Today we use many services or products even without noticing that these are Artificial Intelligence (AI) generated, as for example, auto pilot system in airplanes, spam filters in emails, plagiarism checker softwares, etc. AI-driven world is becoming relevant because it can generate data and write news, paint pictures, assess marketing policy and what not.
However, the question of ownership over a product generated by AI comes when it can produce something which falls within the definition of Intellectual Property (IP). Still AI has got no legal status irrespective of its “intelligence” feature under the IP law. In order to find out the scope of AI to claim IP law protection, the primary question is whether AI has intelligence to create something which could be addressed as “creation of mind”.
AI, as it is now, is not a single man's work. At least eight types of contributors have developed AI system. These contributors are often regarded as stakeholders. These stakeholders are: the software programmers, data suppliers, the trainers/feedback suppliers, the new employers of other players, the operators of the systems, the users, the Government, the investor(s). But can every one claim his or her ownership on the AI-generated products? The claim of such ownership under the principles of copyright and patent law deserves discussion.
An AI can produce something which will satisfy all the three criteria of copyright, namely: creativity though a minimum amount, fixation, and originality. But none of the legal systems over the world does permit an AI to get copyright over its work and the same is true for patent.
The IP is a creation of mind. Necessarily, the word “mind” used here means a mind of human being. Except human being, no one can claim the protection or ownership under IP law irrespective of its intelligence. Even a non-human having, a so-called, mind has no capacity to claim ownership under IP law.
In 2018, the Ninth Circuit of USA held in case of Naruto et al v David Slater that animals, other than humans, cannot sue for copyright. From the judgment, it is clear that the US legal system allowed only human to get protection under IP laws. Moreover, the countries who are members of WIPO enact law under which a non-human cannot get the protection of IP law.
Under these circumstances, who is the owner of IP generated by AI? The answer is difficult considering its multiplayer model. To understand whether AI can get the ownership over the products generated thereby requires more analysis of the IP law under “law and economics theory”, “the personality theory” and “Locke's theory on labour”.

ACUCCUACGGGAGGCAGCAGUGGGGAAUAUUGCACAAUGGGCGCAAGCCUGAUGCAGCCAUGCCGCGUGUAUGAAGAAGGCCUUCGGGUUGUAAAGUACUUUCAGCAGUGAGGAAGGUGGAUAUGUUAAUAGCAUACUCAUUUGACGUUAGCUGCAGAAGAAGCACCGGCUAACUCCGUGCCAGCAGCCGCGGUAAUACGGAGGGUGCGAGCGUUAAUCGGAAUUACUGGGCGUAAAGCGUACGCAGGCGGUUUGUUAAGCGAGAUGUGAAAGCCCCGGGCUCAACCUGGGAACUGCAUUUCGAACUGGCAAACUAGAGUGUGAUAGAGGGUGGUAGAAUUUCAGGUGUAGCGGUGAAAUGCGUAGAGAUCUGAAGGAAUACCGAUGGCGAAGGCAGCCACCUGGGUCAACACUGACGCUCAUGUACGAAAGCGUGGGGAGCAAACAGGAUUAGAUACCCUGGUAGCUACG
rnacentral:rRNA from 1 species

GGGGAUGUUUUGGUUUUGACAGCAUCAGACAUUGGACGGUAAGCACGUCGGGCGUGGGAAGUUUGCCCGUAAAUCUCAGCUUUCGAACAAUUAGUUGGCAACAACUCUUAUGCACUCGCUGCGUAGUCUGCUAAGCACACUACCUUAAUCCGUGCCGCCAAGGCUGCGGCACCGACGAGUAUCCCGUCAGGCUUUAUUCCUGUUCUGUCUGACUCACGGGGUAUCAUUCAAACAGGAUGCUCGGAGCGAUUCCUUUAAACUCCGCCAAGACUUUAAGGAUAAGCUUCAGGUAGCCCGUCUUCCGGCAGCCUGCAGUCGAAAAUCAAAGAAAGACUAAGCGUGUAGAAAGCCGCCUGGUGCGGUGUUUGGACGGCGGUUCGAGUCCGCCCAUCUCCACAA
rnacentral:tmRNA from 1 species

As per law and economics theory, AI cannot claim ownership under IP law, mainly for the reason that an AI system does not have the capacity to receive such incentive that creators and inventors are entitled to as exclusive rights to their intellectual products by preventing others from using their goods without permission or payment.
Hegel, the proponent of personality theory, argues that property rights are a means for developing and realising one's personality. He also argues that “an idea belongs to its creator because the idea is a manifestation of that creator's personality.” AI also fails to manifest its personality without its creator who happens to be a human being.
In the opinion of John Locke, the proponent of labour theory, “the labour of his body and the work of his own hands, we may say, are properly his.” Under this theory, all the persons who are involved with AI have capacity to be remunerated as per their contributions. Thus, the scope of ownership in favour of AI remains as narrow as possible.
Therefore, it may be said that the AI system has no scope to get ownership over the products which it generates. If so, then who will get the ownership? In a multiplayer model, every stakeholder making an AI to work has the scope to claim the ownership over the contribution he or she makes. But the ownership over the final products generated by AI depends upon the legal framework of the particular State under which jurisdiction it falls.
The writer is an Advocate, Supreme Court of Bangladesh.